Request the Full Recording

Please enter your information to request a copy of the post-event written summary or recording!

Need help with something else?

Tiffany Serbus-Gustaveson

Senior Digital Strategist at BWG Connect

BWG Connect provides executive strategy & networking sessions that help brands from any industry with their overall business planning and execution.

Senior Digital Strategist Tiffany Serbus-Gustaveson runs the group & connects with dozens of brand executives every week, always for free.

Schedule a free consultation call

Discussion Transcription

Tiffany Serbus-Gustaveson  0:00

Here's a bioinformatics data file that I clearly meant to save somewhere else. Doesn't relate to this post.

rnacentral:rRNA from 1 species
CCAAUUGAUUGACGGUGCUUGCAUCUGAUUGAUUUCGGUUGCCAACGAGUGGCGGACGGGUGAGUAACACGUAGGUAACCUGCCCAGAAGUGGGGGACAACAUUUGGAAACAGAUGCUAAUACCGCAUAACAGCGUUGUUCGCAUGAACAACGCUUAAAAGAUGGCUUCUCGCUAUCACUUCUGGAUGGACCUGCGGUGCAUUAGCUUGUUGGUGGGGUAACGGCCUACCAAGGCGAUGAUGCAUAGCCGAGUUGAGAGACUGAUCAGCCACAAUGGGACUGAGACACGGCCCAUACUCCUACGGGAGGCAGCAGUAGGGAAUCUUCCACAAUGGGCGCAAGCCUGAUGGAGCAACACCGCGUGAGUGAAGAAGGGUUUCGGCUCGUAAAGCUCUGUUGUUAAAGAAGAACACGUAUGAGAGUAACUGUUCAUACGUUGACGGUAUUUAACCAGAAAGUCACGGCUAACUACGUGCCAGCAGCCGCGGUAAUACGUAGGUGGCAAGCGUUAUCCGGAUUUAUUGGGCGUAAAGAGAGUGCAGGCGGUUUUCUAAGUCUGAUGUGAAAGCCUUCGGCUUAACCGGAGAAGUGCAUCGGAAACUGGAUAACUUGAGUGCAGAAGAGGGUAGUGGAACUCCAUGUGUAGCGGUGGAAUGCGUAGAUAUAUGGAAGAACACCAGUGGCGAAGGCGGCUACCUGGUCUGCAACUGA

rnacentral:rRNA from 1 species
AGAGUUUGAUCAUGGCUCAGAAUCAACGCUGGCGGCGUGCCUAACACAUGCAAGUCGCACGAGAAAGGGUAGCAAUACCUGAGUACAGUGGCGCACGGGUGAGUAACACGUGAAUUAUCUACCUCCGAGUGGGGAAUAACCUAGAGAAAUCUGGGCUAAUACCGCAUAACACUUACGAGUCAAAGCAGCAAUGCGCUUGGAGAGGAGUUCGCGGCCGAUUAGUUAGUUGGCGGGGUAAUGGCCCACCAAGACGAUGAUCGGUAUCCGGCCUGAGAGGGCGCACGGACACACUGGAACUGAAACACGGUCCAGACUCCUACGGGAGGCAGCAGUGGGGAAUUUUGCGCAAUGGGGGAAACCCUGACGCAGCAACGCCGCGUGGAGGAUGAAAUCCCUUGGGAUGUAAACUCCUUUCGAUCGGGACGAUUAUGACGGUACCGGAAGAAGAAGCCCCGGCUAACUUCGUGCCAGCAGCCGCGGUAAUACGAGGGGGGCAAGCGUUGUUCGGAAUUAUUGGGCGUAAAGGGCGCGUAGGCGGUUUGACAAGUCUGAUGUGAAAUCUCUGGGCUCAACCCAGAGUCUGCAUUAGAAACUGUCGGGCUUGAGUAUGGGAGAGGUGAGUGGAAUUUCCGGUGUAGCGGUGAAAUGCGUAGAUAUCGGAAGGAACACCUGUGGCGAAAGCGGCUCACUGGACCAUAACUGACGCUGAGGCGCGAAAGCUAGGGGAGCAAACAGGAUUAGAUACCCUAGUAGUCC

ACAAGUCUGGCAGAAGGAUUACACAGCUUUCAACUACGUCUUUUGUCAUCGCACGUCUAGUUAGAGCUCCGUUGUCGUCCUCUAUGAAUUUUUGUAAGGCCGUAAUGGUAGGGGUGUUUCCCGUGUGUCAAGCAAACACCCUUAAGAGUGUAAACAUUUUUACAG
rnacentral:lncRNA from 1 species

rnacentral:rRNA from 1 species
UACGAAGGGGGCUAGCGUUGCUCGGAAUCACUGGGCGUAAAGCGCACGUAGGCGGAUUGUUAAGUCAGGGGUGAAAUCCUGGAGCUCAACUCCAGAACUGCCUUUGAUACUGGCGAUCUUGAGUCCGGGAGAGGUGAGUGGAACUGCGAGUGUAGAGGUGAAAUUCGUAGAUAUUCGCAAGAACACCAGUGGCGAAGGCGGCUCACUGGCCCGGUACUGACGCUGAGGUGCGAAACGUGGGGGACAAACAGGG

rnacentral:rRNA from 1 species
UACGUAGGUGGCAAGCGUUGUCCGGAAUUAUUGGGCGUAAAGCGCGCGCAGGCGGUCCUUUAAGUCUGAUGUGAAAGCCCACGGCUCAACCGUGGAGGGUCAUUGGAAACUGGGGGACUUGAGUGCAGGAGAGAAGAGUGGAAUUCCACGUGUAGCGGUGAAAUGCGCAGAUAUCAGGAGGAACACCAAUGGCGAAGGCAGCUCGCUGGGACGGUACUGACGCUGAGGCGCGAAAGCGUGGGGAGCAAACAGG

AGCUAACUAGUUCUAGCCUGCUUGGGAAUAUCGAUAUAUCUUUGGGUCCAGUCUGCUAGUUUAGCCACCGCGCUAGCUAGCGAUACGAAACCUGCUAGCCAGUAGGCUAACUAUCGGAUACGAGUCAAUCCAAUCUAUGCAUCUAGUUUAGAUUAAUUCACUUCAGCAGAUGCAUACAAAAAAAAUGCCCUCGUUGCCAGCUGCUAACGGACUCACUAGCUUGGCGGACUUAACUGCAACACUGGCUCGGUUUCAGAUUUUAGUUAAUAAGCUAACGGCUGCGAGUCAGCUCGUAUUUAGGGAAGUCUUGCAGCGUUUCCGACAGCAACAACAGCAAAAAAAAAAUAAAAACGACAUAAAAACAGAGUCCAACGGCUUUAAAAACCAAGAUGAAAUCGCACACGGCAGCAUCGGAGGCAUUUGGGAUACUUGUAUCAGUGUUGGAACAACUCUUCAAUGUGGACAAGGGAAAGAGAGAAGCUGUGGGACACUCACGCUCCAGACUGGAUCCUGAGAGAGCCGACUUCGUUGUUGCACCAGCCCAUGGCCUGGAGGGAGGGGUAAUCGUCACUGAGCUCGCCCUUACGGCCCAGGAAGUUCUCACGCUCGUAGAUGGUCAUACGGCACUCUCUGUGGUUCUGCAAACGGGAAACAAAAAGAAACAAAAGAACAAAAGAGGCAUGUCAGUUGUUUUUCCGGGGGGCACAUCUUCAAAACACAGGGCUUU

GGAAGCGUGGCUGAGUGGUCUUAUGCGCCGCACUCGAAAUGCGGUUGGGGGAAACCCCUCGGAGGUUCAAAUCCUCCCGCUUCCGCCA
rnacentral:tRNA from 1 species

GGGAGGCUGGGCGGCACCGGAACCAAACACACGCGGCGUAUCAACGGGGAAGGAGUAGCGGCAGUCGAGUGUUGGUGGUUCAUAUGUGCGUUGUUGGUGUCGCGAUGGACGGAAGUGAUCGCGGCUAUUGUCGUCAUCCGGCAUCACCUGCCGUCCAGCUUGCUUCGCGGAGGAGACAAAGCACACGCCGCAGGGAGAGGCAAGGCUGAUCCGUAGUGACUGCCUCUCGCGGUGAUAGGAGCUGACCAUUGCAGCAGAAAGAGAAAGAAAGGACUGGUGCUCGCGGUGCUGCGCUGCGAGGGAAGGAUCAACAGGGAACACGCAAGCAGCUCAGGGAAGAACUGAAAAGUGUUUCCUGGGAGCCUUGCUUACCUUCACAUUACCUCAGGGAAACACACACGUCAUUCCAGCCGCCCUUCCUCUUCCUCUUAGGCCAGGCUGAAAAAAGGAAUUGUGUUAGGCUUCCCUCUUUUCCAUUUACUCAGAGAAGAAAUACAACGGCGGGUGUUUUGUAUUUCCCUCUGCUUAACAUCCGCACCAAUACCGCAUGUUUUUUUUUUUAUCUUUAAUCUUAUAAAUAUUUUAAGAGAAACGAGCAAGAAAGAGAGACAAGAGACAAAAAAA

All right, happy Thursday everybody. I am Tiffany Serbus-Gustaveson, a digital strategist with BWG Connect, and we are a network and knowledge-sharing group. We stay on top of the latest trends and challenges, and whatever’s shaping the digital landscape, we want to know and talk about it. We're on track to do at least 500 of these virtual events this year due to the increase in demand to understand the digital space better; we'll also be doing at least 100 in-person small-format dinners this year within the US. So if you happen to live in a tier one city, feel free to shoot us an email, we'd love to send you an invite these dinners are typically 15 to 20 people having a discussion around a certain digital topic. And it's always a fantastic time, we spend the majority of our time talking to brands. That's how we stay on top of the latest trends. And I'd love to have a conversation with you. So feel free to send me an email at And we can get some time on the calendar. It's from these conversations we generate the topic ideas we know people want to learn about. And it's also where we gain our resident experts such as Blue Wheel who's with us today, anybody that we asked to teach the collective community has come highly recommended from multiple brands. So if you're ever in need of any recommendations within the digital space, please don't hesitate to reach out as we have a short list of the best of the best. We'd love to provide that information to you. Also note that if you have any hiring dates, we do partner with a talent agency, Hawk Eye Search, formerly BWG Talent that I can put you in contact with as well. A few housekeeping items. First and foremost, we want this to be fun, educational, and conversational. So put as many questions and comments you have into the chat the Q&A. I'll make sure everything's enabled, and we will get to them. Or you can always email me at And we can get to them as well. So with that, let's roll and start to talk about lifecycle mastery. The strategies for effective email and SMS marketing. The team at Blue Wheel have been long-term friends, and partners of the network. I'm going to kick it over to you, Lisa, if you want to give a brief introduction on yourself and Blue Wheel that'd be awesome. And then, we can dive into the information. Thank you.